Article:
Hazel has six novels to her name, but it was a long road to publication.  Giving up a corporate career to spend more time with her husband, Damian, and her sons, she needed money. After being inspired at a writer’s workshop in Dublin, she started a blog called Hot Cross Mum.

“I wrote about leaving the boardroom and being at home with two young kids, and I wrote articles for the Irish Independent and the Leinster Leader.”

She also wrote a novel – one that now resides under her bed.

“It was my learning book and was contemporary women’s fiction. It was with agent Sheila Crowley, but I remember feeling anxious that a yes would come back. I was naïve, but worried that that novel would start my career. In my head I wanted something more historical.”

When Hazel decided to write a book based on the Titanic, Shelia warned her that the timing was wrong. This was 2011, a year before the centenary of the disaster, and all the books about the Titanic had already been written and sold. Hazel wrote it anyway, and, when Sheila couldn’t sell it, ended up self-publishing.

It sold well on Kindle, but when Sheila Crowley still failed to sell either that, or Hazel’s second book, A Memory of Violets, the two, amicably, parted company. It was an all time low. Hazel was at the point of giving up, and trying to do something else, when she received an email from the American agent Michelle Brower, who had read the Titanic novel, titled, The Girl Who Came Home, on Kindle, and asked if she could represent her.

“She sold both books to William Morrow in New York. That was 2014. I’d left work in 2009, and between times there was a lot of angst and lack of confidence.”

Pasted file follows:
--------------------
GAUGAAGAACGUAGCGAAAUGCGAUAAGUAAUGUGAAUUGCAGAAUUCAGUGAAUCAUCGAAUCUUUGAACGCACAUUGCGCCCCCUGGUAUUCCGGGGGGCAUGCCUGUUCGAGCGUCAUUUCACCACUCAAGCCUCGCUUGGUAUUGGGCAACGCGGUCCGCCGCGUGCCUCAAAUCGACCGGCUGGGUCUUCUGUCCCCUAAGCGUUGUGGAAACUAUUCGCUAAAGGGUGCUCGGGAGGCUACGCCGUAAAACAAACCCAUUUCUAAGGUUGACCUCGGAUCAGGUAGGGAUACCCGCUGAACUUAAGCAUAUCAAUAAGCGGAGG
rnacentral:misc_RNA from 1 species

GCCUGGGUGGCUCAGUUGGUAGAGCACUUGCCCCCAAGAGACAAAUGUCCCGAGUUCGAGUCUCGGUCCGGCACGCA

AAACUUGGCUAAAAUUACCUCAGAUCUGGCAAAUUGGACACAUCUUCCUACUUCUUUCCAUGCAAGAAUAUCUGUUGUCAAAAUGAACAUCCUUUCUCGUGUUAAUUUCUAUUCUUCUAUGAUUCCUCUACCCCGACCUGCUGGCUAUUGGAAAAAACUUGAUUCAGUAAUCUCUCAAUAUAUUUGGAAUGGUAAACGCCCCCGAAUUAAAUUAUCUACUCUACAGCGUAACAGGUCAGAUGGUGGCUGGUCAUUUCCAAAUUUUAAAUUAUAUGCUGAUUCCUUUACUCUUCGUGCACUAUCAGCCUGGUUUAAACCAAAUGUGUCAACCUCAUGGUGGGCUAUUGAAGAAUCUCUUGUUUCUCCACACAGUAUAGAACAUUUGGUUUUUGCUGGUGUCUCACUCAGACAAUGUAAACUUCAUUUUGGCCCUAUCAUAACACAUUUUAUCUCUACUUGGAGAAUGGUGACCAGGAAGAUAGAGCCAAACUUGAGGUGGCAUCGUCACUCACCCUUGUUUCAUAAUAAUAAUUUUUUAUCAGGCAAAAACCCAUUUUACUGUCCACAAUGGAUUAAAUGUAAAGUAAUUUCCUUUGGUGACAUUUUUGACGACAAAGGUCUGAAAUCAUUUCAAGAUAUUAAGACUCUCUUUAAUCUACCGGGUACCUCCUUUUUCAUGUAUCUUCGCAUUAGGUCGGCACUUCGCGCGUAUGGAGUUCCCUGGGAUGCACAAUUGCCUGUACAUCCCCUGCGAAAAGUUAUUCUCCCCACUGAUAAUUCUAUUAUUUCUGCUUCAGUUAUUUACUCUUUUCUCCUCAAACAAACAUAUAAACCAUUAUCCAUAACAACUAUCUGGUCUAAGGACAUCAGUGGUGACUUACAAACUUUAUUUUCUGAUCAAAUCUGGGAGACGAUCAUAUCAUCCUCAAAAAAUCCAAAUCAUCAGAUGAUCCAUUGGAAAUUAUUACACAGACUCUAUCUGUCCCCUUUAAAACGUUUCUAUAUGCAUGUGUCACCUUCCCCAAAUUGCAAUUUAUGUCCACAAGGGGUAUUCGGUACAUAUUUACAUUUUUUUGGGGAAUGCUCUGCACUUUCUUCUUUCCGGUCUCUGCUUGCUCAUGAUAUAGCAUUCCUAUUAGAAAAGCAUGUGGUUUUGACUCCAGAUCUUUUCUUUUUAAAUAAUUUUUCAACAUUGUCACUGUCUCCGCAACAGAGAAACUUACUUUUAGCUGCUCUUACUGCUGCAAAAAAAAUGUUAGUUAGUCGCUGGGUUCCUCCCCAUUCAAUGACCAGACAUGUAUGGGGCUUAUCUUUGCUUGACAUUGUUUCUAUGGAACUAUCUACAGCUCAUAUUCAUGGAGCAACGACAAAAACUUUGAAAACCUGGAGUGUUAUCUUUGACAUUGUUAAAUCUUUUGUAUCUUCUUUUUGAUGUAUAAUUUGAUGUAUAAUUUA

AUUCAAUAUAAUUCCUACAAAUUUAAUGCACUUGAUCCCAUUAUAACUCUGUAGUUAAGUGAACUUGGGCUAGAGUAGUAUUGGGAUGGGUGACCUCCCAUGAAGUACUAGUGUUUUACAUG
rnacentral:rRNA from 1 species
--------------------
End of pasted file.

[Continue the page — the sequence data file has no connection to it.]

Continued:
The Girl who Came Home made the New York Times bestseller lists and went on to win the Romantic Novelist’s Association Historical Novel of the Year in 2015. Hazel has now written a book a year for five years, and, as if that wasn’t prolific enough, has teamed up with American writer Heather Webb to collaborate on historical novels. The first, Last Christmas in Paris, came out last year and has won a 2018 Women’s Writer’s Association Star Award.

“Michelle Brower introduced me to Heather, and we immediately hit it off. We have the same mindset.”

The duo have just returned from a few days of high living on the riviera, putting the last pieces of research together for their forthcoming novel, Meet Me in Monaco, based around the wedding of Grace Kelly and Prince Rainier. In the process of completing the manuscript, Hazel is looking forwards to penning her next solo project.

“I’m exploring World War Two from a non-European perspective,” she says, but demurs when I ask her to be more specific. “It’s a secret!

“All the time I’m promoting this book, and finishing meet Me in Monaco, the new book is talking and talking. It’s like, ‘I know you’re there. I’m coming!’ This percolation time is important,” she says. “It’s the time to get to know your characters.”

Currently out of contract, Hazel hopes to continue writing historical fiction well into the future.

“I’m now known for writing historical fiction about strong women, with two timelines. That’s where my heart is. There are so many stories I want to write, and I feel I’m getting better, as one should. I’ve an understanding of the craft. I’m challenging myself and hope to be writing for a very long time.

“But first, I want to scoop my family up and go away to hide!  Damian, Max, Sam and I are heading to the Aran Islands to go glamping – with huts on a beach. I’ve been all over the place with the promotions and research, and now we’ll get away and just walk. That’s what we do.”

The Lighthouse Keeper’s Daughter by Hazel Gaynor. Harper Collins: €14.99. Kindle: €4.67.

Published in The Irish Examiner 22nd December, 2018

© Sue Leonard. 2018